Ross Murray's Border Report
Ross Murray
is a freelance writer living in Stanstead, Quebec. You can reach him at
Posted 04.28.11
Stanstead, Quebec


What a Canadian friend we have in Stephen

Here's how it works on my Facebook page: you send me a Friend request and I ask myself, "Is this person a jerk?" If the answer is "Probably not," you're in.

As you see, there's not a huge screening process. I don't, for example, vet people on their political leanings. I don't know and I don't particularly care.

Over the last few weeks, though, I've noticed substantial Harper-bashing in my Facebook feed. Not so for Conservative support. In fact, out of roughly 200 Facebook contacts, I can think of only one friend who is an in-your-face true-blue Conservative.

But that can't be right, can it? Statistically, I must have more right-leaning friends than that. I mean, not everyone listens to the CBC, right? Could it be that some of my Facebook friends are too embarrassed to come out of the Conservative closet? Could Conservative be the party that dare not speak its name?

I don't think it's the policy, which is all very bottom-line: boost employment, keep the economy ticking, ensure my home and family are unthreatened and comfortable, reduce taxes, spend as little as possible, uphold values. All good stuff. So what's the problem?

Could my Conservative friends be keeping mum because they're ashamed of the prime minister himself?

This got me thinking: what if Stephen Harper were a real person?

That is, if Stephen Harper were a friend, what kind of friend would he be?

I imagine Friend Stephen would be the type of friend who would come over to your house for a barbecue and insist on taking over the grill, arguing that only his heightened vigilance could ensure that the neighbours won't sneak into the yard and steal the meat right off the grill, because that's what neighbours do.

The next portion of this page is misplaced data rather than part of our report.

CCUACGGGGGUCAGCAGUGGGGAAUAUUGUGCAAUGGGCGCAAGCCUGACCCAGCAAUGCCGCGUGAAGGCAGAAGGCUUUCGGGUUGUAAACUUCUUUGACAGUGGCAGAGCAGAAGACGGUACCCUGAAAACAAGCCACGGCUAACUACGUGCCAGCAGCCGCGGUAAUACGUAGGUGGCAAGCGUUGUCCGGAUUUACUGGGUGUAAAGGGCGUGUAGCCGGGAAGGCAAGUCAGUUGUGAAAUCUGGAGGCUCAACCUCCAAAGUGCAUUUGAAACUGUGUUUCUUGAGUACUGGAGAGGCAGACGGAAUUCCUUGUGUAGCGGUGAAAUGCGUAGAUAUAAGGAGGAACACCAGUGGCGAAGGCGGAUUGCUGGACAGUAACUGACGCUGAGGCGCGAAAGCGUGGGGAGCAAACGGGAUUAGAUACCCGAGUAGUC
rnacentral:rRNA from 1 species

He'd only cook hamburgers rare, and when someone would point out the obvious health risk, Friend Stephen would banish this person from the party, declaring in a haughty tone that salmonella is just a theory.

Friend Stephen would ask to join your Novel Idea Book Club. Once accepted, he'd become an eloquent contributor, though a little hung up on the "dirty stuff."

Friend Stephen would introduce several new members but not let them say anything. Soon, he'd get himself elected president of the club, start shouting over the other members, change the club name to the Friend Stephen Book Club, adopt a "tough on dues" policy resulting in the expulsion of 30 percent of the original members, and then ban all "non-traditional" books from the reading list, including works by E.M. Forster and Oscar Wilde, if you know what I mean. No one would complain, however, because Friend Stephen always brings most excellent cupcakes.

Friend Stephen would borrow your cell phone and purposely delete important contact information, explaining that you didn't need most of that data and a lot of it was really none of your business anyway.

Friend Stephen would hit you up to buy chocolate bars from his son who's raising money for children in need. You'd buy one for $6, later discovering that the children in question are junior members of the Old Drawlington Racquet Club and what they're in need of is a fourth tennis court. You also learn that the chocolate bars actually cost $5.

Friend Stephen would take credit for landing you a job because he lent you the dollar that bought the newspaper that contained the job listing. Then he'd want the dollar back.

Friend Stephen would slam his laptop shut every time you walked by.

Friend Stephen would instruct his golf caddy to take a stroke off each hole and later look you in the eye and say he never cheats. You wouldn't be allowed to talk to his caddy.

I imagine, eventually you'd want to distance yourself from Friend Stephen because having such a friend reflects badly on you. Sure, Friend Stephen gets things done, but at what cost?

Friend Stephen certainly wouldn't pass my Facebook test. So why would I want him to be prime minister?

Ross Murray's collection, You're Not Going to Eat That, Are You?, is available in Quebec in area book stores and through He can be reached at